Huntsman Post

Huntsman Students Rally To Help Homeowners Dealing With Water Damage

By Connor Child

A home in the Bear Lake area was severely damaged over the winter when some pipes broke, gushing thousands of gallons of water throughout the house. The owners of the home found capable helpers in their time of crisis when they contacted the Jon M. Huntsman School of Business.

Authorities from Garden City contacted John and Connie Hancock in January when they were out of town to tell them that their house had been flooding for a week. When the Hancocks saw the extensive damage the flooding had caused, a friend suggested that they contact the Huntsman School given its reputation for service in the community. One of the phone calls Connie made was to Ron Welker, who was teaching a management class at the time in which students were required to provide meaningful service.

Mr. Welker told his students about the potential project, and a group of students led by Matt Seely decided to help out. The students contacted the Hancocks, and soon thereafter they began making frequent trips to Bear Lake to help the Hancocks in their time of crisis.

“These kids blessed our lives, and we have such gratitude for them…It’s very touching,” Ms. Hancock said. “They helped lift our spirits. It was amazing because they don’t know us and they gave freely. It was such an example of how we should behave. I want to be more like that in life.”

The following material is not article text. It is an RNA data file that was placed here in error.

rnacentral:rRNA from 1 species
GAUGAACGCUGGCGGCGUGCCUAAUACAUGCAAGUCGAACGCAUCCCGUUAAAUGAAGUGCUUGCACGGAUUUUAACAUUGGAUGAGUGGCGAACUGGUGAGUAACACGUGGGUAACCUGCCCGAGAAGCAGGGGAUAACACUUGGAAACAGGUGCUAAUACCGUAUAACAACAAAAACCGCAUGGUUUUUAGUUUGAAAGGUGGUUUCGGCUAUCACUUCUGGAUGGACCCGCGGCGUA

Ms. Hancock said the students were willing to help when virtually no one else would. Their insurance company initially denied that they had coverage, but she said things are starting to look better on that front. In addition, Matt said, many in the community were reluctant to help out since it wasn’t the Hancock’s primary residence.

“Regardless of whether it was their second home or first home, they were in a financial crisis,” Matt said. “I just feel grateful that the team I was working with was willing to step up and take that challenge and help them without scrutinizing them or being critical of their situation.”

The presumable cause of the broken pipes was a power surge in mid-January that shut off the furnace, causing the pipes to freeze. They suspect that more than 100,000 gallons of water were pumped into the house, starting on the top floor and affecting everything in its path. Connie said everything was covered in ice when they arrived at the home.

The entire house had to be gutted, and Matt said his group put in a combined 150 hours to help with the process. The work never seemed to stop, Matt said, and there is still a lot more to do, but he is grateful that he was able to help, and hopes he can stay in contact with the Hancocks.

“Our school has a reputation for service, as evidenced by the fact that Connie and John were told to contact us shortly after the event,” Matt said. “I am honored to be at a school that values service so much, and I am thankful that we were able to step up and help in their time of need.”